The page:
Just saw a post about making shapes solid.
Wonder if this could have applications for architecture.
thinking if I extrude my walls (in plan) then covert them to solids, as long as they can be extruded or made back into planes later then I wouldn’t have to worry about inadvertently pick and deleting surfaces or edges when I’m working.
Not sure if the application of solids could work at all… in fact don’t even know how to make a solid but the thought entered my mind so figured I’d ask.
Just saw a post about making shapes solid.
Groups and components are SketchUp’s way of isolating collections of geometry from interaction. A “solid” in SketchUp is a group or component that encloses a volume of model space with no holes between the inside and outside and no unnecessary edges or faces. Think of it as the surface of a real 3D object.
That said, solids enable application of special Boolean interactions with other solids, such as subtract and trim, but are otherwise just groups or components. Solidness has nothing to do with stopping geometry from sticking together or intersecting.
Seems like you haven’t done much watching of the SketchUp fundamentals videos?
As @slbaumgartner groups and components provide separation between lumps of geometry. Solids have nothing to do with that. Only groups and components can be considered solid. Solid groups and components tend to be cleaner and easier to work with because they don’t contain a bunch of needless geometry.
Truthfully… no I haven’t watched a lot of the fundamentals videos but have watched some.
Hopefully not asking too many questions.
Had a deadline to get through for a project that I wanted to take on in sketchup so just kind of dived in. I’ve “wasted” a lot of time over the years watching and filtering through videos for single issues I’ve run into, ultimately to revert back to asking a question and getting a quick response in a forum (talking cad here primarily). That being said, don’t want to be the guy who doesn’t do his homework or due diligence either. Not trying to be a freeloader perse… Hopefully not coming across that way. I search for my answers just beyond spending an inordinate amount of time digging for it any more. I’d rather spend my time hammering it out in the drawing and figuring it out myself rather than going nuts trying to locate it in a video etc. Sorry, just my thoughts on it all.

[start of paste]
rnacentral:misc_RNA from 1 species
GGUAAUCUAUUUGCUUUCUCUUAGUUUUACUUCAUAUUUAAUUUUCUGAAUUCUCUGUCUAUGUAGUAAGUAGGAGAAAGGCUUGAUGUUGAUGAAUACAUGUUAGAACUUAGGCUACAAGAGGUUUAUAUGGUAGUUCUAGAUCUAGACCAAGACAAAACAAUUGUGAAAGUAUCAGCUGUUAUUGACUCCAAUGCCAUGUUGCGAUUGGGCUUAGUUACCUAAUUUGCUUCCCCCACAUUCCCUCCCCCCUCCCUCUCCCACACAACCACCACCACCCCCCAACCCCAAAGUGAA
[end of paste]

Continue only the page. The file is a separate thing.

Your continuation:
I’m using groups and components religiously now and definitely see the benefit… not unlike blocks with cad… but even much more so important in sketchup.
If solids are groups and components only then guess I have some understanding of the benefit. But really don’t follow the idea behind solids in general. So, I’ll save that for another day.
This is the sort of thing that can make people stop responding to your questions.
Going through the fundamentals just makes sense, it give you a basis from which to continue the learning process.
It is very difficult to keep answering questions when you have to go back and explain things that should already be known.
It would be different if the forum was for teaching, but it is volunteer users offering help to solve issues.
This is a very basic example of one of the things you can do with solids.
The object could then be exported as an .stl and be 3d printed.
Below are general comments, not intended as an attack specifically at you, but for benefit of all people coming to the forum.
There is no such thing as too many questions, but there is a thing called laziness. We volunteers get tired of doing people’s work for them! We also get tired of answering the same question in a dozen topics when a quick search would reveal the other 11 times.
There are two major aspects of watching the videos that help us to help you.
One is that your questions are then based on at least some level of understanding of how SketchUp works. That is essentially what @box wrote. It’s fine if you study and then come here saying “I tried and I just don’t understand, please help me”, but it creates extra work for us if you haven’t even tried. It’s notable how many basic questions posed here are answered quite clearly in the videos.
The other is that watching the videos and studying teaches you the terminology used in SketchUp. So, you don’t refer to a group as a block or a tool as a command (aside from menu items such as “Save”, SketchUp doesn’t have commands), etc. It’s much harder to help when we struggle to figure out what you are talking about.